Ernest Sanchez, SF Bay Ferry Public Information & Marketing Manager, said of the augmented ferry service, “Through significant planning efforts, SF Bay Ferry met the demands of Bay Area residents looking to cross the Bay during suspension of transbay BART service,” adding, “SF Bay Ferry thanks the riders who chose to take the ferry thereby relieving congestion on the bridges during the BART closure.” In the wake of those announcements, MarPro reached out to the SF Ferry folks to find out whether (any of) those additional riders were being realized as ‘converts.’ As I pulled the trigger on this MarPro installment, I still hadn’t heard back. That's the kind of metrics, however that we need in order to assess how we’re doing.
Separately, half a continent away in southwestern New York state, Reuters reported last month that hundreds of idle oil tank cars give ample weight to the extent of the impact of $45 oil. Just a few short months ago, those rail cars were running continuously, moving shale crude from North Dakota to New Jersey and other points further south. As U.S. shale oil production declined and a couple of new pipelines were completed, the use of rail has also seen a marked turndown. Industry analysts say it is only a matter of time before it comes back. Before that happens, a golden opportunity for towing and inland barge companies awaits.
Before the downturn, the use of oil trains was already being questioned, for other reasons. High profile derailments, casualties, pollution and risk assessments had regulatory stakeholders scrambling to institute new safety protocols for rail cars. At the same time, the same safety improvement suggested for ‘crude on rail’ had long since been commonplace and in fact required on the inland rivers. The regulatory upgrades for rail tank cars, predictably enough, will be prohibitively expensive. That’s okay – those of us in the marine community feel the pain of our rail cousins. On the other hand, the needed safety improvements for rail will also have the unintended benefit of partially leveling the playing field and making it more economical to consider river transit when the domestic crude boom again heats up. And, it will.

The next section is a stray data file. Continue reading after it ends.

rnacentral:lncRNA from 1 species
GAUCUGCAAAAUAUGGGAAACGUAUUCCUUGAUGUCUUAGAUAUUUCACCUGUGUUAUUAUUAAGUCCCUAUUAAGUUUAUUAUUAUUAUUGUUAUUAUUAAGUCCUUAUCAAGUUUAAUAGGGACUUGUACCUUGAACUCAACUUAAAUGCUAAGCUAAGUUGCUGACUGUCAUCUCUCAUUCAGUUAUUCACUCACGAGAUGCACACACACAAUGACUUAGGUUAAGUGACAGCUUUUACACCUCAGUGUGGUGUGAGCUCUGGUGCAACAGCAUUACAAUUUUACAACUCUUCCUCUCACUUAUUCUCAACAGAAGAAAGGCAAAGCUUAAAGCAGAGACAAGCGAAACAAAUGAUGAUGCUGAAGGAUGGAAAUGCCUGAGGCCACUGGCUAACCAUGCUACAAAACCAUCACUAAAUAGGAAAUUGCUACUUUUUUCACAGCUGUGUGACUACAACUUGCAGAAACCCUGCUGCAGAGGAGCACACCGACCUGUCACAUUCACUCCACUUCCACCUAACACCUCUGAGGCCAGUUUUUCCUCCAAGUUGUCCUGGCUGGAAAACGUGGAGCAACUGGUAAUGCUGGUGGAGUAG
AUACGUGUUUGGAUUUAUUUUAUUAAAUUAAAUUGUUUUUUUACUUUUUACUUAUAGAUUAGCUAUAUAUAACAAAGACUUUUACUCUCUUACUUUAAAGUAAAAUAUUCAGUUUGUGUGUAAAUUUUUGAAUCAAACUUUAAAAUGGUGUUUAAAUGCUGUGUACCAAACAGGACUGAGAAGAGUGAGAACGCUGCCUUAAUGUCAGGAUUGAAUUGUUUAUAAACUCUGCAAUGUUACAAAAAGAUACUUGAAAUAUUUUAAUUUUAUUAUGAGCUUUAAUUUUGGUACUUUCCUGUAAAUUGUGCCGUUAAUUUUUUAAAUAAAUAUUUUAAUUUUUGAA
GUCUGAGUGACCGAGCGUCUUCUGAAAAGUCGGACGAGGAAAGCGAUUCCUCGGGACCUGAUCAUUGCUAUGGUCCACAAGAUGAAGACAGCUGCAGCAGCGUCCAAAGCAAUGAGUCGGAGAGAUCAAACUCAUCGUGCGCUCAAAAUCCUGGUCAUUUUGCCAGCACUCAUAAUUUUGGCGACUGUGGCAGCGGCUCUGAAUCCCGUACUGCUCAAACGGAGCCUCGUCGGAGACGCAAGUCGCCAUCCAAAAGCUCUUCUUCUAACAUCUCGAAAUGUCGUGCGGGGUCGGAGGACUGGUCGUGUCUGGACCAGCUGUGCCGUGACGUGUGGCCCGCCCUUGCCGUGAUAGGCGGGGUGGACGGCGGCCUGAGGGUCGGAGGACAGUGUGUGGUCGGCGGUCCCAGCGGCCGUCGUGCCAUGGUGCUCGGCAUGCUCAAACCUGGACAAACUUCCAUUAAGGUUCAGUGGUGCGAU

Separately, a U.S.-based environmental group, ForestEthics, this week said its analysis of U.S. Department of Education data show nearly 15,000 schools with 5.7 million students sit inside the so-called 'blast zone', the one-mile area along railroad tracks the U.S. Department of Transportation (DoT) recommends be evacuated in case of crashes. In May, DOT lowered maximum speeds to 40 miles per hours in cities, moved to phase out older tank cars that can puncture and require better brakes after a string of accidents. All of that will cost money, and the slower speeds again bring the economy of scale between rail and the river even closer.